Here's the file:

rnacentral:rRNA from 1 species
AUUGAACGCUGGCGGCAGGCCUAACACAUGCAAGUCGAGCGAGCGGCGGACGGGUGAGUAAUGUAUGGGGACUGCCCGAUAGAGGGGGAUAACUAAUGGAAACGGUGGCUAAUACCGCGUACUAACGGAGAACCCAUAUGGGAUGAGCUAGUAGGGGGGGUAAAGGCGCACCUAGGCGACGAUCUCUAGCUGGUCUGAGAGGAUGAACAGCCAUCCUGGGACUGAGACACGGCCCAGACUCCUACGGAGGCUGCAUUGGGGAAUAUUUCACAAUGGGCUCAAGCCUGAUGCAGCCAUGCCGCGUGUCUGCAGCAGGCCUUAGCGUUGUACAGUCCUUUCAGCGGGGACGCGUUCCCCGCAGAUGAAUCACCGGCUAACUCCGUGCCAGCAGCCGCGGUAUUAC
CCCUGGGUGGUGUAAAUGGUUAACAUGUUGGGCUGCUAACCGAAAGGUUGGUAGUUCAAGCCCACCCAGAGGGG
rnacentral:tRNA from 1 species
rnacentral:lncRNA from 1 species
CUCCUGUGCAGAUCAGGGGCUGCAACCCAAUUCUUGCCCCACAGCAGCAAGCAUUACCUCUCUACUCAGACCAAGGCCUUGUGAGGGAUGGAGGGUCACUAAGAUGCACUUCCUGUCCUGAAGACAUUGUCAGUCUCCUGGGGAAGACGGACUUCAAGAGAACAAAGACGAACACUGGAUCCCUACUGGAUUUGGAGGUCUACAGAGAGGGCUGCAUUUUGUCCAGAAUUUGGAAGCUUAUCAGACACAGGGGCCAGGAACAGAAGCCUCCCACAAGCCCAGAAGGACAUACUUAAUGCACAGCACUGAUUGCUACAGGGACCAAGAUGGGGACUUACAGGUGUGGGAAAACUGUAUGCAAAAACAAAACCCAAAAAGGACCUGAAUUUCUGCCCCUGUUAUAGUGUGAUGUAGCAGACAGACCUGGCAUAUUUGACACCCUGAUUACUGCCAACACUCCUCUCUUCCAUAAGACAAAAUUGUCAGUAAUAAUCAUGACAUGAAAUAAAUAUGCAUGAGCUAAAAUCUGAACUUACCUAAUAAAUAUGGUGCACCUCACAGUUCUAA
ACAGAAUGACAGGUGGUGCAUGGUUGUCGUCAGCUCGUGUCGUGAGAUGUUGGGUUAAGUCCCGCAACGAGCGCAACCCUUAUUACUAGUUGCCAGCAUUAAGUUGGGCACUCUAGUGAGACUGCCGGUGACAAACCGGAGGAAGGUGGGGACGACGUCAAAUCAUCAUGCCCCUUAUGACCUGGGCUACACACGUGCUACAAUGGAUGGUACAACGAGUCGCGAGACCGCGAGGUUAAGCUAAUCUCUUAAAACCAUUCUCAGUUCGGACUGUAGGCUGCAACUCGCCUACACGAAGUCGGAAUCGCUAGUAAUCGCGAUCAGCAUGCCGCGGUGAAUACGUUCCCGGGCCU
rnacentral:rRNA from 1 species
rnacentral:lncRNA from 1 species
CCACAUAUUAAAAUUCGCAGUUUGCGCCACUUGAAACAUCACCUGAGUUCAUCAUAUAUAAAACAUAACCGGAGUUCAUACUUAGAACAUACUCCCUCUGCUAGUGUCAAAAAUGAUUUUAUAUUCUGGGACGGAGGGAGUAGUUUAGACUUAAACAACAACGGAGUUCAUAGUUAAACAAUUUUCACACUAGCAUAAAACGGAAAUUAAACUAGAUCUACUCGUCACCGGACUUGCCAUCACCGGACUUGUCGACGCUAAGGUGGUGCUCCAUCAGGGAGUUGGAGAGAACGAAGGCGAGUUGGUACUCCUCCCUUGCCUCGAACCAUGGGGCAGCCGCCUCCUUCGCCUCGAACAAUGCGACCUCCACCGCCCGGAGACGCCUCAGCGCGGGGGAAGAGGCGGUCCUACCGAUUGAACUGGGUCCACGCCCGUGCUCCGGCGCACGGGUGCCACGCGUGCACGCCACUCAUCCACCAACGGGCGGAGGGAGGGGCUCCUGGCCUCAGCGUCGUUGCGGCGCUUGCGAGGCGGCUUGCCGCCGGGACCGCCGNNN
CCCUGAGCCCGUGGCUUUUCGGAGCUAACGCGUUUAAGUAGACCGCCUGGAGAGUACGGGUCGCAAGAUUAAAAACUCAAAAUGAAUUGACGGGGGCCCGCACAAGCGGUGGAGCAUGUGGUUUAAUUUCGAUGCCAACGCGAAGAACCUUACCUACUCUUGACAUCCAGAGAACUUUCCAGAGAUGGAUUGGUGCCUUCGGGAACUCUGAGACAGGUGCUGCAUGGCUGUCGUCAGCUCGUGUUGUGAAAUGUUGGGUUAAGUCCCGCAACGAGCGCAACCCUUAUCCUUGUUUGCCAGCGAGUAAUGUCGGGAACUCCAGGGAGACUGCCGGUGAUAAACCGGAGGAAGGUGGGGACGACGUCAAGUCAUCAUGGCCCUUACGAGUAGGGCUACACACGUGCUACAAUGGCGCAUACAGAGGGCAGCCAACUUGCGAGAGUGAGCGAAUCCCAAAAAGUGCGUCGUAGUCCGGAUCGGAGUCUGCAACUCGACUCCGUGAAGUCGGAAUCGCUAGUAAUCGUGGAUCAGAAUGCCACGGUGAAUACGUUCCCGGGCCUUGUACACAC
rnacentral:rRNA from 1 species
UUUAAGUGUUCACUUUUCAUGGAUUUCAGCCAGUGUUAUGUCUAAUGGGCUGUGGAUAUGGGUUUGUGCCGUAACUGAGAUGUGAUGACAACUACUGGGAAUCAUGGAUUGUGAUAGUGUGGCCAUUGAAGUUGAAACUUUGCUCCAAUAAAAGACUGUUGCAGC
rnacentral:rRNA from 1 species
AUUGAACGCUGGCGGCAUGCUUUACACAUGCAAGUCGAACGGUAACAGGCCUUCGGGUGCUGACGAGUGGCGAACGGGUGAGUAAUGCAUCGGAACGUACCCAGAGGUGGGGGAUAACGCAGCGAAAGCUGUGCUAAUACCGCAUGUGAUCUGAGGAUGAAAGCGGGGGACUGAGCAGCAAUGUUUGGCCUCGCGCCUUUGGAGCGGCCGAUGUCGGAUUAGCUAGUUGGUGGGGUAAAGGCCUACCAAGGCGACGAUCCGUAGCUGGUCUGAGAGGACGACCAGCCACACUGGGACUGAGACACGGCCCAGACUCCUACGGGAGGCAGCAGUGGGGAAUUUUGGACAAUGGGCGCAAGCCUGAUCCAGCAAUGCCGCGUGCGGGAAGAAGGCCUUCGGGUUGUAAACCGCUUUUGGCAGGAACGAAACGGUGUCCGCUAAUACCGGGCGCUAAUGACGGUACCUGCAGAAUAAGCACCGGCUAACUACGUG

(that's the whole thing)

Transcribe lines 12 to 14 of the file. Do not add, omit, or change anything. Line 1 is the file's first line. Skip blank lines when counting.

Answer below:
rnacentral:rRNA from 1 species
UUUAAGUGUUCACUUUUCAUGGAUUUCAGCCAGUGUUAUGUCUAAUGGGCUGUGGAUAUGGGUUUGUGCCGUAACUGAGAUGUGAUGACAACUACUGGGAAUCAUGGAUUGUGAUAGUGUGGCCAUUGAAGUUGAAACUUUGCUCCAAUAAAAGACUGUUGCAGC
rnacentral:rRNA from 1 species